In many ways, the value of this book is in the explanations of things we just might not be entirely sure about. For instance, we get interesting general details: “The manors of an earl were probably organized like the royal demesne, the ‘home farms’ of the monarchy, into either provisioning or revenue-producing units. Entries in the Domesday Book note the number of nights’ farm that could be obtained from a manor. They were the cost of overnight provisions for the king or lord and his whole household when visiting the manor.” That helps explain some everyday factors that usually slip past us. There are many other explanations of this kind that helped put things into perspective for me.

The author also tried to make sense of conflicting histories, especially concerning the battle of Hastings and its aftermath. Which came first, and who influenced who? And why? “Admittedly, some historians criticize the Carmen, believing it to be a twelfth-century product, but the balance of probability seems to favor an early date for this work, around 1068…” Was the arrow in the eye story an effort to portray Harold as being punished from God for his perjury? Or was there some confusion between his death by an arrow and Harold Hardrada’s arrow in the throat? How much was this story influenced by the nineteenth century restoration of the Bayeux Tapestry? As you might guess, these passages raise more questions than they answer, but these questions are probably unanswerable anyway, so we might as well learn as much background as possible.

I was interested to see that Tostig’s troubles in the north may have had much to do with reforming the out-of-balance low taxation in Northumbria (when compared to the rest of the country). According to the author, “There was a reform of the royal household in the interests of efficiency early in the 1060s…Tostig’s rule was then seen as tightening royal control of the north at a time when the Witan in England was dominated by Harold, which would explain why Tostig blamed Harold for the revolt and accused him of conspiring against him.” To me, this is a big statement. First of all, it implies that Tostig did not arbitrarily raise taxes, which supposedly sparked off the insurrection. And it also gives a reason why he would accuse Harold of fomenting the rebellion, aside from a mere hysterical reaction. There’s a lot of food for thought here, which certainly delves deeper than the usual bland interpretation of Tostig’s allegedly poor government.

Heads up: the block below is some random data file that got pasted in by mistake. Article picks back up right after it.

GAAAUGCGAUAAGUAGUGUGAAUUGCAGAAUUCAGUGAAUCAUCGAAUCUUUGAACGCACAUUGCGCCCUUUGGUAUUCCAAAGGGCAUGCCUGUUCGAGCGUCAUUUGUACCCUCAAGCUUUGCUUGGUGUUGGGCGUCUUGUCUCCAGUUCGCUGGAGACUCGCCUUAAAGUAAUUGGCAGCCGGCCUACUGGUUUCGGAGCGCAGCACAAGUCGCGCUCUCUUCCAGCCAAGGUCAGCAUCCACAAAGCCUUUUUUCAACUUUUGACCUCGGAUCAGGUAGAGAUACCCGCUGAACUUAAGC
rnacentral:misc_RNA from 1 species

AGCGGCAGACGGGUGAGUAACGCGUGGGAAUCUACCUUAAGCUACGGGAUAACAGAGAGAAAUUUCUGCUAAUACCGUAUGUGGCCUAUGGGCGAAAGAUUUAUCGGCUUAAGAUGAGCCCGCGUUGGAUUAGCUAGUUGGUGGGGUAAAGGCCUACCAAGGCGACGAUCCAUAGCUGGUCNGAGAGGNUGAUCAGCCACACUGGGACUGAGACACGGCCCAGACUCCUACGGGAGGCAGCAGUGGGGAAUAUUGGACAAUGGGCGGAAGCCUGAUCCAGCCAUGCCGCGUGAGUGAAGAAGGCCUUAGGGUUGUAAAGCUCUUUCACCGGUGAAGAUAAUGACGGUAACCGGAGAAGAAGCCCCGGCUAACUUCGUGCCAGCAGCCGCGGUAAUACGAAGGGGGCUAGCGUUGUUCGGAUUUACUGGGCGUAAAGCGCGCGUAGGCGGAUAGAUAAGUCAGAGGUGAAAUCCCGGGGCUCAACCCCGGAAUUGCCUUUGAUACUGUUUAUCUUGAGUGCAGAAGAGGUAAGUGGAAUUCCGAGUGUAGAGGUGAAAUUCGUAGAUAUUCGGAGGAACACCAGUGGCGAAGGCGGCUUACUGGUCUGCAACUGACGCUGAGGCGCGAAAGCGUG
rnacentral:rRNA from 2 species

So, overall, I would say I have benefitted from reading this book. The writing was a little hard to get through in places, and I feel the author jumped around a little bit, but it gave me some specifics where I needed them in an academic manner. If I didn’t know anything about the period, I would probably have had a hard time getting through the book. It was really more about explaining why certain things happened rather than merely telling us a straightforward history, although there is a certain amount of that, too. But I think the straight history passages served as a vehicle to get us to the good stuff: sorting out the evidence of our many sources.

York Before the Conquest: Guest Post by Regan Walker

October 26, 2015 by Mercedes Rochelle | 7 Comments | Filed in General 11th Century topics

Regan-York, city pic

Medieval York is the setting for my new novel, Rogue Knight. Today it is a prominent city in Yorkshire in the North of England. And it was before the Conquest.

Though it has ancient origins, the city was founded by the Romans in 71AD. At one time, there was an old Roman fortress where the Minster is today. When Britain converted to Christianity in the middle of the second century, York became the seat of the archbishopric.